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A tribute to the Firesign Theatre's Peter Bergman
The surreal humor quartet known as the Firesign Theatre is now a trio.
Founding member Peter Bergman passed away March 9th due to complications from leukemia. He was 72, and in recent years lived on Whidbey Island.
Over the past 40+ years, the Firesign Theatre recorded dozens of albums, and often appeared on NPR. Their work pushed the creative boundaries of radio and inspired a generation of broadcasters, including many of us at KPLU.
The remaining members of the group, Phil Austin, David Ossman and Phil Proctor, are presenting a “Big Brouhaha” tribute to Peter Bergman this Saturday night at 7 p.m. at the Kirkland Performance Center.
Phil Austin lives near Tacoma and spoke with KPLU’s Dave Meyer.
Peter Bergman was regarded by many as the voice of the Firesign Theatre.
Austin agrees, saying Bergman had a very distinctive voice and "was not a person to disguise himself; he was present in everything that he did and we encouraged that. We liked that. That was our deal with Peter."
Bergman was a master of commercial parodies. You can hear a few examples in our audio interview, including "Loosener's Castor Oil Flakes, with real glycerin vibrafoam!" and the "Trippple Ripppoff Lottery".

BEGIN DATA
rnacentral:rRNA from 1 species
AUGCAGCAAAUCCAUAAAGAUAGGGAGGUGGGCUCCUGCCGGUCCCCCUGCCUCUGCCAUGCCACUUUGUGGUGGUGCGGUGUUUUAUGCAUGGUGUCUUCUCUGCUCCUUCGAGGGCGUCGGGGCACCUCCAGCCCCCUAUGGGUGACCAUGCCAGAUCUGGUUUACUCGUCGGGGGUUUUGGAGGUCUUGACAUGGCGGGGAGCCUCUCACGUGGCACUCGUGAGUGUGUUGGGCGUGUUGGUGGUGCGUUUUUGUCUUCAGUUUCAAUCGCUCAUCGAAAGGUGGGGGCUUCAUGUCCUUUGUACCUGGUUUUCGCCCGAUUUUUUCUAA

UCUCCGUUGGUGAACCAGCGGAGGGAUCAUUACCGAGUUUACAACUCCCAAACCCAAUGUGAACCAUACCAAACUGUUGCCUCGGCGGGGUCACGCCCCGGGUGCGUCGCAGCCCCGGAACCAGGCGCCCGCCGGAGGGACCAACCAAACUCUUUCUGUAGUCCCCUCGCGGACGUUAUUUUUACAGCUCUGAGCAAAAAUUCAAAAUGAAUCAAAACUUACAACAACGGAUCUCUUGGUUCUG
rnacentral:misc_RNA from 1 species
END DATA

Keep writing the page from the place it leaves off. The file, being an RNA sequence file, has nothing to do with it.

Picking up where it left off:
The Firesign Theatre first came into being on Bergman's Radio Free Oz show on listener-supported KPFK-FM in Los Angeles in 1966.
Will the group continue without Bergman?
Austin says, "despite Peter's unusual and bizarre death, we're still together and we'll still keep keepin' on, because we carry him around in our heads...we carry each of us around in our heads...and we are committed to the idea that the four of us are a conversation that keeps on talking. We'll just keep on blathering until the last man goes down."
There's no charge for Saturday night's tribute performance, but a minimum donation of $10 is suggested. Austin says the proceeds will help Bergman's daughter, Lily, to complete her college education.
Previous Firesign features on KPLU: